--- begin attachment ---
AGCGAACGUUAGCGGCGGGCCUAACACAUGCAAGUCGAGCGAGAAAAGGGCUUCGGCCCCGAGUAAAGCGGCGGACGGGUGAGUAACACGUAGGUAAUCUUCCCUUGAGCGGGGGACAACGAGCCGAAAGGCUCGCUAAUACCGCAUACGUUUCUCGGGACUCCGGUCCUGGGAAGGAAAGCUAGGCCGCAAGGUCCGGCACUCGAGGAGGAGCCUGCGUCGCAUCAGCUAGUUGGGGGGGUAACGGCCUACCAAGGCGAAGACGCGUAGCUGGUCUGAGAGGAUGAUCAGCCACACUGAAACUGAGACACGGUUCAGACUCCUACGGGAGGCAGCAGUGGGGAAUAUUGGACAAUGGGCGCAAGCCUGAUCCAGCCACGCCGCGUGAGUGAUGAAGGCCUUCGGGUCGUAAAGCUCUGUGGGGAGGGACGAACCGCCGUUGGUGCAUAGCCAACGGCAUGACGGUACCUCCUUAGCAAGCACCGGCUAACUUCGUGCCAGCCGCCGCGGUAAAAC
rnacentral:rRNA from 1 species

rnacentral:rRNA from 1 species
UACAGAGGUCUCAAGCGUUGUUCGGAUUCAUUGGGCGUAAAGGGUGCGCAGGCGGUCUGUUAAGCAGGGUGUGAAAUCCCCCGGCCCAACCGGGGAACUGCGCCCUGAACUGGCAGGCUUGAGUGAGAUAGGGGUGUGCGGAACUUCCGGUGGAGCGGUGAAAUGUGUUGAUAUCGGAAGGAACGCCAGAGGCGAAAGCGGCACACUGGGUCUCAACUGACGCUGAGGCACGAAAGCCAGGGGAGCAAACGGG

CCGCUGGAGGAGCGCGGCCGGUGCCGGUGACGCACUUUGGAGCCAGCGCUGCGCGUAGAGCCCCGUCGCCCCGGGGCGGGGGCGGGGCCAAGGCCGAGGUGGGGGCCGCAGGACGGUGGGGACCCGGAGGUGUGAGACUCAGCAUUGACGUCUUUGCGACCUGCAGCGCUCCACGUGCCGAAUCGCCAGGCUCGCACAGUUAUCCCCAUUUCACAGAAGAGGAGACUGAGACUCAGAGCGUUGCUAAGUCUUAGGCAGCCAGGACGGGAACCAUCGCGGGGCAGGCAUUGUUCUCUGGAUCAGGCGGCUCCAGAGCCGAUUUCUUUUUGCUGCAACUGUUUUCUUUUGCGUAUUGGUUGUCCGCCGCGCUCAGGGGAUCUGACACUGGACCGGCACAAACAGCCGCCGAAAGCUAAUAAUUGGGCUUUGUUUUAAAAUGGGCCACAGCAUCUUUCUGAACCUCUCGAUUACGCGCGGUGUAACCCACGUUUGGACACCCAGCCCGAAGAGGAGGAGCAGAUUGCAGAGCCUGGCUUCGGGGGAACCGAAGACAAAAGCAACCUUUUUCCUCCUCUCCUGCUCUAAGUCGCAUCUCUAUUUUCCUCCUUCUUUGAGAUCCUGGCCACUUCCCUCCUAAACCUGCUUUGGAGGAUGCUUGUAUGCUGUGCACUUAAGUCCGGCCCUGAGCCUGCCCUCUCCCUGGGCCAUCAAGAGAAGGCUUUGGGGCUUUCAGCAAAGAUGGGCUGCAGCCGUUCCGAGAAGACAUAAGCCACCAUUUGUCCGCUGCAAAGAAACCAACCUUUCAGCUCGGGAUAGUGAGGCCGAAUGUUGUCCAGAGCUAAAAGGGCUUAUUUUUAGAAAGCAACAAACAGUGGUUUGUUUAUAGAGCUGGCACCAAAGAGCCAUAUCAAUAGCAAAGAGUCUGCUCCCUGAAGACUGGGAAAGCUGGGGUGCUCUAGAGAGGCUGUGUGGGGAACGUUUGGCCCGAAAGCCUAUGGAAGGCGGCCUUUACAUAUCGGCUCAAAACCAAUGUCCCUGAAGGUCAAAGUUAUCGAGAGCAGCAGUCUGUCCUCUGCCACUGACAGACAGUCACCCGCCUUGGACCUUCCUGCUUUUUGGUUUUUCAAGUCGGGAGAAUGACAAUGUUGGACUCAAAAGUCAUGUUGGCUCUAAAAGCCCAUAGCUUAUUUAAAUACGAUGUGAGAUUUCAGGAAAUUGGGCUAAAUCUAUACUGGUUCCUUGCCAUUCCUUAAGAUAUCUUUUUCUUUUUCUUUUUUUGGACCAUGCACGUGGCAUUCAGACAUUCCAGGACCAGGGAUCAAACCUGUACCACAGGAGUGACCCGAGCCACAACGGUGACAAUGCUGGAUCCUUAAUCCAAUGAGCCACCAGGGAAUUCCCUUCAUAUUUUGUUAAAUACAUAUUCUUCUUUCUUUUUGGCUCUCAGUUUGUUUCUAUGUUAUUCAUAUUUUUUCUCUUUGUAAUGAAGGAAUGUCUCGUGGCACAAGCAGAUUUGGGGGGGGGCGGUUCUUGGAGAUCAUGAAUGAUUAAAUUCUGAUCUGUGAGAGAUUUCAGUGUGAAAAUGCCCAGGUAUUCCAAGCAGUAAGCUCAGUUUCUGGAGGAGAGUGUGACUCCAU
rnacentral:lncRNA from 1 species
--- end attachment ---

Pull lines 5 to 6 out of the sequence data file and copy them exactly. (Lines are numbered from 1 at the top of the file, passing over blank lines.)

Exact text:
CCGCUGGAGGAGCGCGGCCGGUGCCGGUGACGCACUUUGGAGCCAGCGCUGCGCGUAGAGCCCCGUCGCCCCGGGGCGGGGGCGGGGCCAAGGCCGAGGUGGGGGCCGCAGGACGGUGGGGACCCGGAGGUGUGAGACUCAGCAUUGACGUCUUUGCGACCUGCAGCGCUCCACGUGCCGAAUCGCCAGGCUCGCACAGUUAUCCCCAUUUCACAGAAGAGGAGACUGAGACUCAGAGCGUUGCUAAGUCUUAGGCAGCCAGGACGGGAACCAUCGCGGGGCAGGCAUUGUUCUCUGGAUCAGGCGGCUCCAGAGCCGAUUUCUUUUUGCUGCAACUGUUUUCUUUUGCGUAUUGGUUGUCCGCCGCGCUCAGGGGAUCUGACACUGGACCGGCACAAACAGCCGCCGAAAGCUAAUAAUUGGGCUUUGUUUUAAAAUGGGCCACAGCAUCUUUCUGAACCUCUCGAUUACGCGCGGUGUAACCCACGUUUGGACACCCAGCCCGAAGAGGAGGAGCAGAUUGCAGAGCCUGGCUUCGGGGGAACCGAAGACAAAAGCAACCUUUUUCCUCCUCUCCUGCUCUAAGUCGCAUCUCUAUUUUCCUCCUUCUUUGAGAUCCUGGCCACUUCCCUCCUAAACCUGCUUUGGAGGAUGCUUGUAUGCUGUGCACUUAAGUCCGGCCCUGAGCCUGCCCUCUCCCUGGGCCAUCAAGAGAAGGCUUUGGGGCUUUCAGCAAAGAUGGGCUGCAGCCGUUCCGAGAAGACAUAAGCCACCAUUUGUCCGCUGCAAAGAAACCAACCUUUCAGCUCGGGAUAGUGAGGCCGAAUGUUGUCCAGAGCUAAAAGGGCUUAUUUUUAGAAAGCAACAAACAGUGGUUUGUUUAUAGAGCUGGCACCAAAGAGCCAUAUCAAUAGCAAAGAGUCUGCUCCCUGAAGACUGGGAAAGCUGGGGUGCUCUAGAGAGGCUGUGUGGGGAACGUUUGGCCCGAAAGCCUAUGGAAGGCGGCCUUUACAUAUCGGCUCAAAACCAAUGUCCCUGAAGGUCAAAGUUAUCGAGAGCAGCAGUCUGUCCUCUGCCACUGACAGACAGUCACCCGCCUUGGACCUUCCUGCUUUUUGGUUUUUCAAGUCGGGAGAAUGACAAUGUUGGACUCAAAAGUCAUGUUGGCUCUAAAAGCCCAUAGCUUAUUUAAAUACGAUGUGAGAUUUCAGGAAAUUGGGCUAAAUCUAUACUGGUUCCUUGCCAUUCCUUAAGAUAUCUUUUUCUUUUUCUUUUUUUGGACCAUGCACGUGGCAUUCAGACAUUCCAGGACCAGGGAUCAAACCUGUACCACAGGAGUGACCCGAGCCACAACGGUGACAAUGCUGGAUCCUUAAUCCAAUGAGCCACCAGGGAAUUCCCUUCAUAUUUUGUUAAAUACAUAUUCUUCUUUCUUUUUGGCUCUCAGUUUGUUUCUAUGUUAUUCAUAUUUUUUCUCUUUGUAAUGAAGGAAUGUCUCGUGGCACAAGCAGAUUUGGGGGGGGGCGGUUCUUGGAGAUCAUGAAUGAUUAAAUUCUGAUCUGUGAGAGAUUUCAGUGUGAAAAUGCCCAGGUAUUCCAAGCAGUAAGCUCAGUUUCUGGAGGAGAGUGUGACUCCAU
rnacentral:lncRNA from 1 species